Tim Duncan, Principal Product Manager – Growth at Bottle Rocket Studios, writes about how the travel landscape has recovered and adapted in the wake of the pandemic. (Photo: Business Insider)
It has been three years since the U.S. went into lockdown, when air travel hit a standstill and our backyards had to suffice for a summer vacation spot. The travel space was obliterated as a result. In fact, airlines hemorrhaged $168 billion in economic losses in 2020. Although not fully recovered, air travel is certainly back in full force in 2023, and the appetite for it is insatiable.
The pandemic fueled a mass shift in customer behaviors and expectations across the board. This is happening across all industries, as customers now seek out seamless and immersive experiences, with as little human interaction as necessary in many situations. Airlines have been forced to realign their priorities and how they function in order to please the connected customer of today, and the result has been innovative and exciting.
Customers Are King
A trend that we are seeing across all industries is an embracing of the "customer-obsessed" culture. As the airline landscape has become increasingly saturated and fiercely competitive, businesses are now prioritizing customer experiences and raising the bar for expectations by putting their customers at the center of their delivery models, leadership, strategy, and operations. In 2023, customer loyalty is actually more valuable than customer acquisition. With these new priorities and behaviors, let’s dive into how this has impacted the travel space.
Over the last three years, air travel has generally become more expensive. Even in the past year, we have seen a 25% increase in its cost. This is due to a combination of factors including higher fuel prices, soaring demand, inflation, and of course, labor constraints. Profitable air travel is now therefore much more than just selling seats. Airlines need to explore more ways to draw customers in and retain them, adding value to their services in order to justify their higher prices.
With today’s everything-tech economy, customers now expect their travel experience to incorporate a multitude of easily accessible digital touchpoints to enhance their trip and make it as seamless as possible. The key to success now lies in leveraging channels of communication and creating a carefully crafted omnichannel experience, where humans and tech can work hand in hand. The mundane and time-consuming tasks such as booking seats or getting in line for security can be automated, while the more complex ones can be dealt with by human experts, who can focus on adding value and driving loyalty. This will create interactions that are personalized, seamless, and immersive.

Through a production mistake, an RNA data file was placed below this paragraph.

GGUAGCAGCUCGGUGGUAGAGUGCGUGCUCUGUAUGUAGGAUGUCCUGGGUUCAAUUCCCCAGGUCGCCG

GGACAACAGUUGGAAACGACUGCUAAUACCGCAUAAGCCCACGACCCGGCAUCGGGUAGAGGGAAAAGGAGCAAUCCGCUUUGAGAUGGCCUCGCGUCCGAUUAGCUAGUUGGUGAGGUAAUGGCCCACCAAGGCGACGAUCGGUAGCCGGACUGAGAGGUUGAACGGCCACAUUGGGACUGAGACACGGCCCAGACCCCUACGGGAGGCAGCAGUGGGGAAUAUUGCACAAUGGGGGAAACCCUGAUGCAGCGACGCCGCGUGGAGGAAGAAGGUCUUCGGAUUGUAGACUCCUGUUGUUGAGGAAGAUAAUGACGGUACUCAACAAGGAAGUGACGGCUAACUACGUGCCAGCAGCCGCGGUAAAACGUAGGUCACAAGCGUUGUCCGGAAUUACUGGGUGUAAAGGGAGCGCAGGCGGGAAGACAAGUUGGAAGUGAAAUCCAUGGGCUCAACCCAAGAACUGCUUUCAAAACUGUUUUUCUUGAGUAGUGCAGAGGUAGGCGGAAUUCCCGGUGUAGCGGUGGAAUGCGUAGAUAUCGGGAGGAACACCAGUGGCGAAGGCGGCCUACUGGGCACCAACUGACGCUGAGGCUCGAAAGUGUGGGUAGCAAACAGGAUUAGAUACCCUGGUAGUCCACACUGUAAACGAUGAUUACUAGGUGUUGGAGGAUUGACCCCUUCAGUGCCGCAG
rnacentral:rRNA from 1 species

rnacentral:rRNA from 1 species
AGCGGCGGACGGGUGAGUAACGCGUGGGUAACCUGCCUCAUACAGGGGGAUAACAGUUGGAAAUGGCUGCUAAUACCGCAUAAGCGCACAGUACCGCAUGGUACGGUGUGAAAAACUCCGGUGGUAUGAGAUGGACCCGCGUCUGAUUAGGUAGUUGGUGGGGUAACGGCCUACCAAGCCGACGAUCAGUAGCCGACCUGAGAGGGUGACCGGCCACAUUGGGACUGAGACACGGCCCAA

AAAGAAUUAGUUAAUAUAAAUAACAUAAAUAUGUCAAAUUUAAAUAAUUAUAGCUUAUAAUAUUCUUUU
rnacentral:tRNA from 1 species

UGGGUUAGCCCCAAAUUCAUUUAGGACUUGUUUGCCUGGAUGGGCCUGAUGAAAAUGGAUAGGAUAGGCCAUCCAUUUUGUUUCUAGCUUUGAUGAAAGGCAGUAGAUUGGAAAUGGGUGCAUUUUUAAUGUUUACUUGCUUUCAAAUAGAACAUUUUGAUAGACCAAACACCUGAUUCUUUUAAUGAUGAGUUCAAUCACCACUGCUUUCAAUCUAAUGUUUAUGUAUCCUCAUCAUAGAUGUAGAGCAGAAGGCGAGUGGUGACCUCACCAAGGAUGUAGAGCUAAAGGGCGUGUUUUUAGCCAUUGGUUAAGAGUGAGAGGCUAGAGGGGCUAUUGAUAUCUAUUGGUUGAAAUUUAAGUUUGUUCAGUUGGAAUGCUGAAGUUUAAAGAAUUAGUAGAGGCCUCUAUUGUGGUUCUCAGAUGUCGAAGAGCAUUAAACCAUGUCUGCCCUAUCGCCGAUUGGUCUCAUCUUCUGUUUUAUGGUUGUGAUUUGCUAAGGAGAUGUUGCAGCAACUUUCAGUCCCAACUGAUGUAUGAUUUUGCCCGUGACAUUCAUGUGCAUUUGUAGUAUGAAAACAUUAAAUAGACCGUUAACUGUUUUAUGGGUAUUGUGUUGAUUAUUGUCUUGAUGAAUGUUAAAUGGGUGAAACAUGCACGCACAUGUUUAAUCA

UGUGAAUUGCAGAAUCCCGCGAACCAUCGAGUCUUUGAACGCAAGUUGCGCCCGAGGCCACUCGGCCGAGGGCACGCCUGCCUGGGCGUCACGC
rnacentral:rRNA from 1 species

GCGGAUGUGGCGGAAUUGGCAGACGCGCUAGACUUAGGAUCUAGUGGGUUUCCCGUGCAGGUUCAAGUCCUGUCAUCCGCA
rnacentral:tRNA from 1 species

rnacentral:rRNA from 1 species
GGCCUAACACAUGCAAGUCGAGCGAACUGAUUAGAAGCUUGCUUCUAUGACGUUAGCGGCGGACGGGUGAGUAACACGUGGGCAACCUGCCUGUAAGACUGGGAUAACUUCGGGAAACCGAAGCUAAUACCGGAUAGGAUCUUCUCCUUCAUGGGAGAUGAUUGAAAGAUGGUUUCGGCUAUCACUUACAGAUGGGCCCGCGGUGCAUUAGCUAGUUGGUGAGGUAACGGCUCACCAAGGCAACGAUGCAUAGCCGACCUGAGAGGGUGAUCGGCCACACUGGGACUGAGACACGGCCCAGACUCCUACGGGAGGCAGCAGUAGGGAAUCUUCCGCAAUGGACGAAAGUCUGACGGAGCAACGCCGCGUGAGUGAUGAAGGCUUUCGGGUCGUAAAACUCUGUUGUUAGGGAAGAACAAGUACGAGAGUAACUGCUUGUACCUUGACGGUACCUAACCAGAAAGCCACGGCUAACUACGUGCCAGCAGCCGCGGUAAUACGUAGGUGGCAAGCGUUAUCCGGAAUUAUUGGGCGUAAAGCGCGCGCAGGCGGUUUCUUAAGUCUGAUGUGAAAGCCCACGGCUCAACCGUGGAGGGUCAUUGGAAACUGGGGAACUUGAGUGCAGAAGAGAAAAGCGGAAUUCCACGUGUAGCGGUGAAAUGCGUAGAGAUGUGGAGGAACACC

Customers now use multiple communication channels interchangeably—be it a smartphone, tablet, or in-person kiosk. It has become vital for businesses to ensure that all of these work in unison to provide a seamless airport experience. For example, a customer may book their flight online through the provider’s website, then check in through an app, drop off their luggage at the desk, and have their boarding pass in their Apple Wallet. This creates a sense of interconnectivity, allowing a customer to choose how much or how little human interaction they want.
Last summer, labor constraints, delays, and cancellations fueled crowded lines across airports. The average wait time to get through security at Miami airport soared to 46 minutes. To alleviate this, some airports have introduced virtual options to get in line, where customers can book a time slot at security or check in to the line through an app or QR code, to avoid long waiting times and enable a smoother experience. Customers can get live updates and receive notifications on their place in the line, allowing them to remain connected and updated in real-time despite not physically being there. This can be used in any area of the airport which involves lining up so that passengers have more time to wine, dine, shop, and prepare for their flight.
The same goes for in-flight entertainment. Airlines continue to upgrade their in-flight Wi-Fi capabilities that allow passengers to watch movies, send a text message to their friends back at home, or order food and drinks, all from their own device. This allows minimum human contact for an onboard customer, and yet they are constantly connected throughout the duration of their flight. These types of digital experiences ultimately add value and will encourage customers to remain loyal to an airline.
The Future of Air Travel
With lockdowns, restrictions, Covid passports, and delays, the aviation industry had to rethink customer experience during the pandemic and its aftermath. As the stress inextricably linked with travel over the past few years finally wanes, airlines want to ensure they can provide a streamlined, seamless, and stress-free experience for their customers now and in the years to come. The incorporation of digital experiences is inevitably the way forward, and it is certain that touchpoints will become even more in sync in order to ensure summer travel takes off without turbulence.
Author Tim Duncan is the Principal Product Manager – Growth at Bottle Rocket Studios.